Joan Unknown

by Sandra Davies

Having met when both were out of context, she’d embellished his pewter actuality with her golden dreams, and was too young to know how to hide her disappointment at his hard-working, every day normality.

Outnumbered by in-laws and cowed by expectation she compromised a co-existence, by which time they’d four sons (three of little consolation to her, and sadly damaged George) and three daughters who, sharp-eyed, watched and learnt and resolved to do better.

After more than thirty years together he died, judging her sufficiently competent to act as executor of his estate but undeserving of (or not welcoming) the description ‘best-beloved.’

Small, brown, grave-faced and brittle with martyred self-protection she remained in the parish for another ten years, unwillingly missing him more than she had anticipated.

Nevertheless, her will made a point of overturning his intentions, providing carefully calculated sums of money for her sons, and a pleasurable allocation of beds, bolsters, linen and pewter between Martha, Margaret and the unwed Francis, who was further rewarded with one cow and a Bullock.

She was buried as ‘relict of Robert Poole’ in February 1659.

Sandra Davies is a printmaker born in Essex and living in Teesside. She has just completed 50,000 words for NaNoWriMo but has not yet finished the novel…

*The Pygmy Giant is celebrating National Short Story Week – more tomorrow!*

  1. #1 by Cath Barton on November 25, 2010 - 8:23 am

    Lovely debut here Sandra.

  2. #2 by dldselfnarration on November 25, 2010 - 12:55 pm

    Sandra! You’ve Encapsulated My Being
    with such rich words of perfect choice,
    that I am rendered speechless! Wonderful Tale!

  3. #3 by Gita on November 25, 2010 - 6:40 pm

    This is a beautifully rendered, succinct portrait. I am not sure how you managed to evoke my sympathies in the very first sentence and keep them throughout by using so few words. I suspect you are a very disciplined writer. Lovely.

  4. #4 by Pamila Payne on November 25, 2010 - 7:13 pm

    Sandra, you have such a gift for peering across the years into long lost lives. It’s a lovely thing to give an unknown person their bit of story. A literary act of kindness.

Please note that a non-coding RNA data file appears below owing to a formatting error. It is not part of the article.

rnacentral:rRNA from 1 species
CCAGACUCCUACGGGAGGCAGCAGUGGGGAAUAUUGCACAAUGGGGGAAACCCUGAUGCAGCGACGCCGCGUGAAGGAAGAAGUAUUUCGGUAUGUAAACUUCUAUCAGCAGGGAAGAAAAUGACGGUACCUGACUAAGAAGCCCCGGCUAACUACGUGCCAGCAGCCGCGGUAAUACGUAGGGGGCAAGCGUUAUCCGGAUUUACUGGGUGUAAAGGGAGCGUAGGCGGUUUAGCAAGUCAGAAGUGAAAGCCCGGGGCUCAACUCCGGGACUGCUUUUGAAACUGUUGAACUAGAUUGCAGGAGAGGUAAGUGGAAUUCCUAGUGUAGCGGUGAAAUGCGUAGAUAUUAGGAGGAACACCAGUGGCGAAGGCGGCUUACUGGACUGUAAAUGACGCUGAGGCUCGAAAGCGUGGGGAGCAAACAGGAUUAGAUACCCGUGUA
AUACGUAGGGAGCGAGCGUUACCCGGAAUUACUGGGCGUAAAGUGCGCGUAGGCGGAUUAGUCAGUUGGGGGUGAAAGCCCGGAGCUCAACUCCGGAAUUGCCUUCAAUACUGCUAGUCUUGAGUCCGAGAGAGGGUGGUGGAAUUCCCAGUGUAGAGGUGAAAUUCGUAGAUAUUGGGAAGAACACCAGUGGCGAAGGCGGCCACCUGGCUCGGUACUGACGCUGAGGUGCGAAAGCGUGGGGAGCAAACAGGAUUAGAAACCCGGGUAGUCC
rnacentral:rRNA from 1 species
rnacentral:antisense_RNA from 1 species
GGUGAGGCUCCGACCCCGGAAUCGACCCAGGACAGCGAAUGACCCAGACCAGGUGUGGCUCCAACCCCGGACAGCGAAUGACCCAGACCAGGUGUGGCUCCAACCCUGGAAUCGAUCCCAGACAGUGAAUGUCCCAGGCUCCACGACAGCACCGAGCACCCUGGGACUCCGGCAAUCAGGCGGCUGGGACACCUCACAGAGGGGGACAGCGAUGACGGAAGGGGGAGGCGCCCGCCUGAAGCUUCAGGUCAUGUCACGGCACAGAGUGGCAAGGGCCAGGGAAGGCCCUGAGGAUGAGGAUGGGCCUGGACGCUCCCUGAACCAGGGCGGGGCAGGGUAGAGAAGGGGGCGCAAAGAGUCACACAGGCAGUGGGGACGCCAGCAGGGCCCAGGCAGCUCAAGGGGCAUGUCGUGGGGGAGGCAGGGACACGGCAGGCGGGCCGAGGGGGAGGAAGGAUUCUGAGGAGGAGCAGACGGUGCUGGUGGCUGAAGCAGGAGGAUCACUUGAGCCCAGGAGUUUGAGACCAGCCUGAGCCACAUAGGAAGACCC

5. #5 by Bob Clay on November 25, 2010 - 8:17 pm

    Wonderfully original San. And nice to see you here, I’ve done the odd one myself here.

    Where’dya get the ideas for a story like this … it’s right off the curve.

  6. #6 by Sandra Davies on November 25, 2010 - 8:29 pm

    Thank you all – especially Cath, for your introduction and welcome, Denise for your enthusiasm, Gita and Pamila for your insight.

    And Bob, I saw you were here a long while ago – thank you for your welcome – Joan was my 8 x great grandmother and I wanted to try and put into words the feeling, the impression I had of her from her will.

  7. #7 by Michael D Brown on November 26, 2010 - 6:54 am

    I absolutely love this gem by a story writer par excellence, who has recently obtained, in addition, the sobriquet Novelist. This Thanksgiving season I have one more thing to be thankful for, and that is having come to know you.
    The tale is a delight, beautifully written, and displaying great insight into character, and being able to express it so succinctly, you should get another award. Cheers, my friend.

  8. #8 by Sandra Davies on November 26, 2010 - 8:24 am

    Bless you Michael for that glowing tribute – and congratulations for having added ‘novelist’ to your own long list of talents too – well done on the NaNoWriMo!!

  9. #9 by Mike Handley on November 26, 2010 - 4:05 pm

    While the whole is quite good, the opening sentence (pewter actuality with her golden dreams) is exquisite. If there were a prize for opening lines, this would knock all contenders in the dirt. Well done, S.

  10. #10 by Sandra Davies on November 26, 2010 - 4:43 pm

    At the risk of sounding less than discreet (again!), Mr. Handley, you’ve brought me to blush in yet another place … thank you, again.

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